Meat grown in tanks and veggies in warehouses may be exciting to an investor but even if novel techniques develop and play a role, cultural attachment to food & the sector’s roots in biology limit the scale of transformation opportunity (see this article about Controlled Environment Agriculture).
Does it matter if AgTech is not a perfect fit for the classic VC model? For at least three reasons, the answer is “Yes”.
Shifting Tides, Cost of Capital. There is a lot of appetite to invest in AgTech – $15.8bn invested in”upstream” ideas (of $26.1bn in AgriFoodTech) during 2020. This is due to AgTech’s tremendous scope for innovation and environmental impact potential.
Will this last? If the returns on investment aren’t realised, the tide could easily turn.
Sectors come and go in popularity – just ask the Cleantech sector which boomed in the early ’00s before investor interest waned. A retreat might be triggered by slower than expected growth, insufficient exit opportunities (the value chain for inputs into primary production and buying the produce from this sector are highly consolidated). Or simply, lack of novelty!
If VC decided this sector is not the right place to put its efforts, the cost of capital to future start-ups will increase, stifling innovation in the sector or starving companies in the development and scale-up process.
What gets funded. VCs, even those focused on impact, are not in philanthropy. This means, ultimately, hard financial impact will trump hard environmental benefit, and financial return to investors will trump benefits to the agricultural sector or society. The implication: potentially important ideas may not get funded or scaled sufficiently to achieve their potential.
Many AgTech companies are fairly close to VC comfort zones, such as digital marketplaces for agricultural products or data management companies. Others – perhaps a hardware innovation that transforms damaging soil management practices or a transformative hydroponics substrate – might struggle to raise investment, grow at a slower pace, or may even have their ventures culled.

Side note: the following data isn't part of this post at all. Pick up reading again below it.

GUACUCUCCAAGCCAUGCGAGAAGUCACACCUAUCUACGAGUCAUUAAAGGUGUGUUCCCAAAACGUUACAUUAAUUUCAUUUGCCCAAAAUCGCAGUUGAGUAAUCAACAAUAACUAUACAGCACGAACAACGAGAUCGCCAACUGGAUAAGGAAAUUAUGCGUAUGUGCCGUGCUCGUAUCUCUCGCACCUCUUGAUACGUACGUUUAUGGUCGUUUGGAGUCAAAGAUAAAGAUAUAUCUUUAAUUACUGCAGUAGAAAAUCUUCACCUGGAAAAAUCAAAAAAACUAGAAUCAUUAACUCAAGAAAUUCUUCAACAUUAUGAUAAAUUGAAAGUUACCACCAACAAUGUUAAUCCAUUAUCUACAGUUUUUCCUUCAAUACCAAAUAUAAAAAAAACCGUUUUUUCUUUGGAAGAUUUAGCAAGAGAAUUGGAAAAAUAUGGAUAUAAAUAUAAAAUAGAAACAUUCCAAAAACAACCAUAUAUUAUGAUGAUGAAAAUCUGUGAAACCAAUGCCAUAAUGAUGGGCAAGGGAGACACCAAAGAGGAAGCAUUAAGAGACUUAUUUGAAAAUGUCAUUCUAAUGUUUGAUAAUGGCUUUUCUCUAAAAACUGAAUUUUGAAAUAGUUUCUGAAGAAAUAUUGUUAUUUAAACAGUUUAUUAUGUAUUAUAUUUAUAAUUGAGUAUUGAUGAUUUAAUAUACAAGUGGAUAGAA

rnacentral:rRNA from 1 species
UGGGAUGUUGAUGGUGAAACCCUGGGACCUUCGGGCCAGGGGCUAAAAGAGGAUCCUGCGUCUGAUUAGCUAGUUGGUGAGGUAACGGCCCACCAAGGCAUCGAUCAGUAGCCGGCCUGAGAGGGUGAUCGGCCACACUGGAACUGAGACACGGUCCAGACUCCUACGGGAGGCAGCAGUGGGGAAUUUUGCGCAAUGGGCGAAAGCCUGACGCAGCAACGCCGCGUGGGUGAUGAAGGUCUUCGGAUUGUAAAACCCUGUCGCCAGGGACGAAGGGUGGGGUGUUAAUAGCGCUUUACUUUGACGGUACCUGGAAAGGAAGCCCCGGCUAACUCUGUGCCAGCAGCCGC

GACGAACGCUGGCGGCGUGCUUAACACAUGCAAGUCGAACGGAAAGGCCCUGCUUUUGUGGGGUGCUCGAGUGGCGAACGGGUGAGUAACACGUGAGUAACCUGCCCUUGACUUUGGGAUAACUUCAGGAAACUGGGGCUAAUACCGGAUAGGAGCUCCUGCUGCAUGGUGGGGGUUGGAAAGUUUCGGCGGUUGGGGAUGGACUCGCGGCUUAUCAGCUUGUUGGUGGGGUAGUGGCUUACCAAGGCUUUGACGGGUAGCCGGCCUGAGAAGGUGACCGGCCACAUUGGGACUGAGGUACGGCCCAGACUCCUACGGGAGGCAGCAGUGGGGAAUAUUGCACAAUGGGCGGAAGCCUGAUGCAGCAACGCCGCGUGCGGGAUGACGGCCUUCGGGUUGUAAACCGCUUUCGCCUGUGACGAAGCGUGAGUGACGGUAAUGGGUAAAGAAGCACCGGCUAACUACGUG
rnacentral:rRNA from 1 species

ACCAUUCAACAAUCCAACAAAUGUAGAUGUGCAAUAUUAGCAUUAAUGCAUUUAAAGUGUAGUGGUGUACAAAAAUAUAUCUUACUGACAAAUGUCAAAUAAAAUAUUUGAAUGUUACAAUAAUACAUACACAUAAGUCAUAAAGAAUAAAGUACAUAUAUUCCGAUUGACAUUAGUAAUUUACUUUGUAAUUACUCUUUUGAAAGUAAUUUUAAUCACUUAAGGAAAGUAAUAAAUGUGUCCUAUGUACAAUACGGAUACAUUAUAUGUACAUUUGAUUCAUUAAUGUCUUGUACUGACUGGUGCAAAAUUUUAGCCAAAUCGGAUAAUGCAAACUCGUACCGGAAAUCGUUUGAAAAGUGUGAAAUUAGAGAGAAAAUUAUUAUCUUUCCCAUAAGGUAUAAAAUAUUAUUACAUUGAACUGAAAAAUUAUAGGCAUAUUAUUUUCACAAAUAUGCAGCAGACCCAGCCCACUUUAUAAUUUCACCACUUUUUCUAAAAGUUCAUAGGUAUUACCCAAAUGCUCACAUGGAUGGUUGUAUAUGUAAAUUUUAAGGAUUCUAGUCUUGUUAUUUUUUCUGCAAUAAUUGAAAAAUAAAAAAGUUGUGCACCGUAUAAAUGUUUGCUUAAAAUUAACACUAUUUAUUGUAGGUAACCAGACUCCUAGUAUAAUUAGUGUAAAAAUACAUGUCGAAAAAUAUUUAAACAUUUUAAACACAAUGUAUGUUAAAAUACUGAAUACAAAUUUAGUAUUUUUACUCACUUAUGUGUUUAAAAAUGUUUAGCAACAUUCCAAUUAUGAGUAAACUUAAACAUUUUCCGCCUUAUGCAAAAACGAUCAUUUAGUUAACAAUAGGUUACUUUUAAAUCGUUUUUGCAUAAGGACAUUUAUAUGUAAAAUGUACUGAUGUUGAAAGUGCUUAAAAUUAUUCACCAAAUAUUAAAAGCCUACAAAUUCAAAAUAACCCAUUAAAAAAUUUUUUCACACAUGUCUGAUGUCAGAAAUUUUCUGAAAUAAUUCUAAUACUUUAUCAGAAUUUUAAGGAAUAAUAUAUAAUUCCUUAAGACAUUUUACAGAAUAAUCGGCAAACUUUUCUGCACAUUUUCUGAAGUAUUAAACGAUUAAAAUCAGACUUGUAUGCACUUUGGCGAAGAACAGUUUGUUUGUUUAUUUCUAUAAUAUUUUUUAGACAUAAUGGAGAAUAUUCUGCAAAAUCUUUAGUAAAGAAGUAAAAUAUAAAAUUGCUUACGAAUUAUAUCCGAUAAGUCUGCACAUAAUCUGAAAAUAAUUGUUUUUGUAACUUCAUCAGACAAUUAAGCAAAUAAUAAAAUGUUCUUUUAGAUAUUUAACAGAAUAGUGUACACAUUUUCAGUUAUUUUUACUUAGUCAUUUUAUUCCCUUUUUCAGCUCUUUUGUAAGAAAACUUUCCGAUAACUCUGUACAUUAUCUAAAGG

This matters, because there are so many ways we need to improve how we grow, harvest, transport, and store physical goods. We can’t eat data – investment-friendly digital solutions alone are not enough to transform food production.
The Environment. Lastly, despite the rise of “Impact Investing”, there is imperfect alignment around the businesses that will generate the most return for investors and those that will most benefit the environment. We risk big opportunities to benefit biodiversity or climate change being overlooked in favour of smaller impact opportunities more in line with investors’ financial or cultural expectations.
The baby and the bath water
What should be done about this? Turning our back on the VC world would be churlish. The priority is to nurture and shape the features most compatible with the needs of AgriTech and be creative about addressing the gaps.
Three steps must be taken:
- We must recognise and be transparent that AgTech has its own peculiarities. If we can avoid the temptation to exaggerate the opportunity the sector, and be transparent about the risks the greatest threats of misaligned expectations may be averted.
- The agricultural and research communities must cooperate with investors to create evidence-based transparency about where the greatest environmental impact can be had. Impact investors are flocking into Agritech with a specific mandate to benefit the environment through their investments. They can’t be expected to know the nuanced realities of farming without shared data and insights.
- The agricultural community should itself start to more actively shape investment models that tap into its own value system, preferences, and needs. If a startup’s idea is important to the farming sector but not sexy enough to the VC community, what other mechanisms could support that development? Innovation is happening in start-up investment: creativity about alternative ways to generate a return for Agriculture needs to be accelerated.
Perhaps, the big dream is that the 4th Wave of AgTech Innovation does not just transform how we produce our food and manage our land, but creates an entirely new way to support startups.